It is a common misunderstanding that conventional financing requires a 20% down payment.  This is not completely true.  What is true is that with 20% down on a conventional loan you can avoid mortgage insurance completely.

Conventional financing can be used with as little as a 3% down payment (compared to 3.5% with FHA) with Private Mortgage Insurance (PMI).  Private mortgage insurance has recently loosened qualifying guidelines to match Fannie Mae DU approvals $417,000.  Loan amounts above this may require additional qualifying criteria overlays from the mortgage insurance provider.

PMI offers several very flexible options that will save qualified homebuyers thousands, if not more, on premiums:

 

Borrower Paid Mortgage Insurance (BPMI)

BPMI offers highly competitive annual premium rates with no upfront mortgage insurance.  FHA currently requires both annual and an upfront MIP of 1.75% of the loan amount!  Using the example above of a $417,000 loan amount, this adds almost $7,300 to your financed loan amount.  Standard coverage for BPMI will cost you about 1.06% (source www.radian.biz) of the loan amount compared to FHA’s 1.35%.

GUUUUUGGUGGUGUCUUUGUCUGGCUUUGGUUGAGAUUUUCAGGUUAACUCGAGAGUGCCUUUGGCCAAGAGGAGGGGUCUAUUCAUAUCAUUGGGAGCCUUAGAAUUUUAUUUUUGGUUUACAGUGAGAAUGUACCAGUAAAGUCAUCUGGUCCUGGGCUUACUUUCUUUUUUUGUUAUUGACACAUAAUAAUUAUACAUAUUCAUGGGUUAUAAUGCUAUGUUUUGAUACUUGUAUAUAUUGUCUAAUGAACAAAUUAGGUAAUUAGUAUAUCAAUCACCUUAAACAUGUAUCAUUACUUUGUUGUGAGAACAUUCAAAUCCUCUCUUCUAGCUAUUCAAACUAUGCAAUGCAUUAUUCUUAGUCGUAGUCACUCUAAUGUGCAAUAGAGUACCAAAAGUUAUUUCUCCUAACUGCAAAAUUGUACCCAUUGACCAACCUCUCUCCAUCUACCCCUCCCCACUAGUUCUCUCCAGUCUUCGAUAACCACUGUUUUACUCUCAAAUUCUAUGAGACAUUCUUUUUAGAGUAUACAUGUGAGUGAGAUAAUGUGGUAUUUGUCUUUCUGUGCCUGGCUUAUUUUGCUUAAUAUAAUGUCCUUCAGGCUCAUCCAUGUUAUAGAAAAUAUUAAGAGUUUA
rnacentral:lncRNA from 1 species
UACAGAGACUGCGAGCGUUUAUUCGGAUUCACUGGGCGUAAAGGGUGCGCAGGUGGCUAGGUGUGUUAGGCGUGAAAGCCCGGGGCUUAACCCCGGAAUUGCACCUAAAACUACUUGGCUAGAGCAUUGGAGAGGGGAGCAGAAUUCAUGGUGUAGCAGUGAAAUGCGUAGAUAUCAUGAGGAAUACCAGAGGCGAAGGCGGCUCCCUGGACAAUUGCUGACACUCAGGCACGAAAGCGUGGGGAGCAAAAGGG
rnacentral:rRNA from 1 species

Split Premium (BPMI)

Split premium provides borrowers with a PMI structured very similar to FHA with an up front premium that can be financed into the loan amount, and a significantly reduced annual rate that is paid monthly as part of your mortgage payment.

 

Single Premium (BPMI)

Single premium is a one time PMI premium that can be paid at closing that will leave a borrower with no monthly increase in your mortgage payment.  Home buyers that are receiving seller credits, lender credits or using down payment assistance programs can use that to “buy out” your mortgage insurance completely.

 

Lender Paid Mortgage Insurance (LPMI)

Lender paid is exactly what it infers, the lender covers the cost of the mortgage insurance by offering you a slightly higher interest rate.  This is a great option for borrowers that don’t mind paying a little bit more over a longer period of time.  While it sounds attractive to not have mortgage insurance, this option also means that you will pay significantly more over the life of the loan if you do not refinance or sell.

 

MyCommunityMortgage